Says Herd, " They love breaking signboards, they rip them out with the planted pole and carry them for about 200m and stamp on them.
"They're also fond of damaging the machines that the forestry people use. The elephant picks up and throws over the little diesel carriers.
"When the sawn timber is piled up, they overturn the neat piles.
"One was even known to puncture an approximately 8ft high, R 3000 tyre, belonging to a road building vehi-cle."
On approximately February 6 this year, evidence was found of an elephant having pulled a dead bush-pig around. When the
location was visited the next day, the dead bush-pig was covered with branches and surrounded by fresh elephant footprints."

And if I can figure out how to post a picture, I can even post a copy of the picture taken by Wilfred Oraai!


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 Post subject: Knysna Elephants
Unread postPosted: Fri Apr 21, 2006 1:39 pm 
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This picture was on the front page of the local newspaper in Knysna yesterday

Image

The story with it is as follows:

"Forest elephant can now be identified

Although there have been elephant sightings in Knysna's forests this year, the first clear photograph since November 2004, was taken earlier this month. The photograph shows blood vessel patterning in the elephant's left ear that will serve as a 'fingerprint' when used in comparison with other photos.
This system has been used successfully in the Addo Elephant Park in order to distinguish individual animals. It is hoped that this will go some way towards answering the mystery of how many forest elephant remain in the Knysna forest. Wilfred Oraai and Karel Maswattii, experienced forest elephant trackers, were on their usual weekly search for elephant signs, when they came across fresh tracks. Assessing the weather conditions, they split up and moved to strategic points in order to get a photo of the animal. Suddenly Wilfred heard cracking noises about 60m ahead of him and climbed a young pine tree to get a better view. As he zoomed in and focused the video camera on the animal, the branch he was standing on broke off and he fell to die ground, camera and all. The elephant heard the commotion and took off, unfortunately right in Wilfred's direction. When Wilfred eventually got to his feet the animal was very close to him but fortunately ran past. Wilfred feels he is lucky to be alive and thanks die powers that be for this. Particularly so as this was a Fynbos area, which poses far more danger when encountering elephant."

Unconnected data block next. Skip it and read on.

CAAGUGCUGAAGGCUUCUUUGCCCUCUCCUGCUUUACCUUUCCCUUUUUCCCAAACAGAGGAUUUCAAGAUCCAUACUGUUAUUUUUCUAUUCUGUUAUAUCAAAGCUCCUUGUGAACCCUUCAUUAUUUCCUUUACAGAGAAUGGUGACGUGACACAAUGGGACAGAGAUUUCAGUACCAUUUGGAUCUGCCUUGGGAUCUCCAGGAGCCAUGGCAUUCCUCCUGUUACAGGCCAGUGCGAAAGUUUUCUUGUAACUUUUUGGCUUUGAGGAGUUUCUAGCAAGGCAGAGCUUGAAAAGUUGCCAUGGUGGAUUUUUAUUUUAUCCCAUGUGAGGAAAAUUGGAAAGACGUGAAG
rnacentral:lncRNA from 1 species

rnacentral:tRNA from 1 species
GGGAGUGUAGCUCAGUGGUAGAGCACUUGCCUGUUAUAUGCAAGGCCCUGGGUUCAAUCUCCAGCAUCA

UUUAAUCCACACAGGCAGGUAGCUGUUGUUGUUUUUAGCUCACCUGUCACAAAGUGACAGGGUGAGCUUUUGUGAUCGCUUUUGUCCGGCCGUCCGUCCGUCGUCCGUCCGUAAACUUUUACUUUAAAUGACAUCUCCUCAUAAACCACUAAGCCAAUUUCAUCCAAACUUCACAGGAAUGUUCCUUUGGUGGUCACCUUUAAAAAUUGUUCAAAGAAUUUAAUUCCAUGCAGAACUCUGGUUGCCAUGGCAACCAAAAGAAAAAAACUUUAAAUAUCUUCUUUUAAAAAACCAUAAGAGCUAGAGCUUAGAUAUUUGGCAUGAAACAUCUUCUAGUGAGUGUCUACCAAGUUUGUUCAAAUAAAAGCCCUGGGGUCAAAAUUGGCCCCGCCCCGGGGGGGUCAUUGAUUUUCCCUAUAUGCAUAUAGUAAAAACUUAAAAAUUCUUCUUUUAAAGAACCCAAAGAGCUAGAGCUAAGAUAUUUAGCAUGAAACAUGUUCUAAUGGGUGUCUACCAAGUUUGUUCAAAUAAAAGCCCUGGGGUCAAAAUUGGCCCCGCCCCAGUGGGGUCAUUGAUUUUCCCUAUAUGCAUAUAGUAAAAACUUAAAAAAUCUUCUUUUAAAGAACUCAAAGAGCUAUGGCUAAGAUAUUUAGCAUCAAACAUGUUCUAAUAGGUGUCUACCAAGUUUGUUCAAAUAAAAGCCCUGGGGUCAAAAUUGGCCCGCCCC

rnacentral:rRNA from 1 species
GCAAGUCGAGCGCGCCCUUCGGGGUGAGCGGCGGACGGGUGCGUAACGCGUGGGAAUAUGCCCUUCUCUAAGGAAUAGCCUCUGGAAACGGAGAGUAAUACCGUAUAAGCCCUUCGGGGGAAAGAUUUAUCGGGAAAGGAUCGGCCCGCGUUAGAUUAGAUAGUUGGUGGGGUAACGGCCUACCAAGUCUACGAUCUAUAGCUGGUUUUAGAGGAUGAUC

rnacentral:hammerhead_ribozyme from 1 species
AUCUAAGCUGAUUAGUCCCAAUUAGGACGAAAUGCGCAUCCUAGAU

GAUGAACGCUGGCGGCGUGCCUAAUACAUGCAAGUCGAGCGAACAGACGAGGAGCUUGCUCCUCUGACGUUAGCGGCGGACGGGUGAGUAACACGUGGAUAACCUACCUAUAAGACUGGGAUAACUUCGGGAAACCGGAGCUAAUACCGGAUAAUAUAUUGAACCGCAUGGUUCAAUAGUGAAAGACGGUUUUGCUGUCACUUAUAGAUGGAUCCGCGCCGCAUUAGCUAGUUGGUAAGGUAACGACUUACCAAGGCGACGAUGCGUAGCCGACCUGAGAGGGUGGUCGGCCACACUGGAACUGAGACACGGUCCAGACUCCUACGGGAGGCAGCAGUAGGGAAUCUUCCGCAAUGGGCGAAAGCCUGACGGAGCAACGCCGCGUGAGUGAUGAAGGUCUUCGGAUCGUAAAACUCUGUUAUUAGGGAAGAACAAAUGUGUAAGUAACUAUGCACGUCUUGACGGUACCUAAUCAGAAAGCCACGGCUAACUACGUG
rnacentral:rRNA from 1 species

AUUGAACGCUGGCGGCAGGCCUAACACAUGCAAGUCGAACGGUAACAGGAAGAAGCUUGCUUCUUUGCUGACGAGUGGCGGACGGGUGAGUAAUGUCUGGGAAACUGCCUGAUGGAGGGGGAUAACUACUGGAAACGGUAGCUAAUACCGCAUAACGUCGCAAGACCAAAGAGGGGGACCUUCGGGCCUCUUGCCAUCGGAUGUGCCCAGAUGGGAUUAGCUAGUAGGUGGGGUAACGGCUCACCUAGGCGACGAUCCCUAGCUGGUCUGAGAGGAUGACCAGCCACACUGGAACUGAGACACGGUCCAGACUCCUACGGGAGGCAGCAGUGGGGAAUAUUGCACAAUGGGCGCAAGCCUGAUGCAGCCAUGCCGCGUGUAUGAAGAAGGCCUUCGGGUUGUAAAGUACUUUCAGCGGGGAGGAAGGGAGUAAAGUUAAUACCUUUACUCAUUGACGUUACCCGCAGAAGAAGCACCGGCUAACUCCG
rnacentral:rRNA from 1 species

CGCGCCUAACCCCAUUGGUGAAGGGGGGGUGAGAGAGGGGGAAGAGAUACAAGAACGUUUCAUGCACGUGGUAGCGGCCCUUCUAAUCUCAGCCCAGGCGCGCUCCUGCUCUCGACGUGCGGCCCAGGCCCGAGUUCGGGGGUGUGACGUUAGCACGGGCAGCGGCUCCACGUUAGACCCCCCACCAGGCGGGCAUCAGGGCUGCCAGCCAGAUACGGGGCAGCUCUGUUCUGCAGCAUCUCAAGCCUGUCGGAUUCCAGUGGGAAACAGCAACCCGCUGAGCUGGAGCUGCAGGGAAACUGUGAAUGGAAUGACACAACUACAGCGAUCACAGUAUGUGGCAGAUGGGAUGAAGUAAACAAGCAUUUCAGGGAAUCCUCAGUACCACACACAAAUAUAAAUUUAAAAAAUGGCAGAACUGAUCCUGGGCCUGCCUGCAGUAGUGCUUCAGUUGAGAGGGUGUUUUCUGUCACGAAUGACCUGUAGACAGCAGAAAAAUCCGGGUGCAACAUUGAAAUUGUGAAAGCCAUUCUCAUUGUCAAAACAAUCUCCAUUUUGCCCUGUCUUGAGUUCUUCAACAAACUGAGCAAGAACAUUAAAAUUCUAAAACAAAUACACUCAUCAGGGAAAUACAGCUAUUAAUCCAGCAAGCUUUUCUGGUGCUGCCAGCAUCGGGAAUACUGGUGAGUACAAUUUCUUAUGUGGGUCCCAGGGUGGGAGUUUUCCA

I think we can now accept that there are elephants in the forest, since April Fool's day was 3 weeks ago!

Loams, eat your heart out!


Last edited by Anro on Thu Apr 27, 2006 12:05 pm, edited 1 time in total.

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Unread postPosted: Fri Apr 21, 2006 7:08 pm 
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I vaguely recall a tv program some time ago where they had video footage as evidence of Ellies in the forest. It included something about the trackers as well.

Just imagine - if an Ellie can play hide and seek in the forest what about the rest of the animals? like the dappled one's.

As an example, I personally saw a serval (tierboskat) out on a farm in the Magalliesburg mountains about a year ago.


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 Post subject: Knysna Elephants
Unread postPosted: Fri Apr 21, 2006 10:00 pm 
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Someone told me tonight that today they found a helicopter that crashed in the Knysna forest at Diepwalle seven years ago. It could not be found in an extensive search back then. Apparantly some woodcutters came across it now, still with the skeletons of the occupants.

Now try and find an animal that does not want to be seen in the forest !

No wonder something as big as an elephant can just vanish in the forest.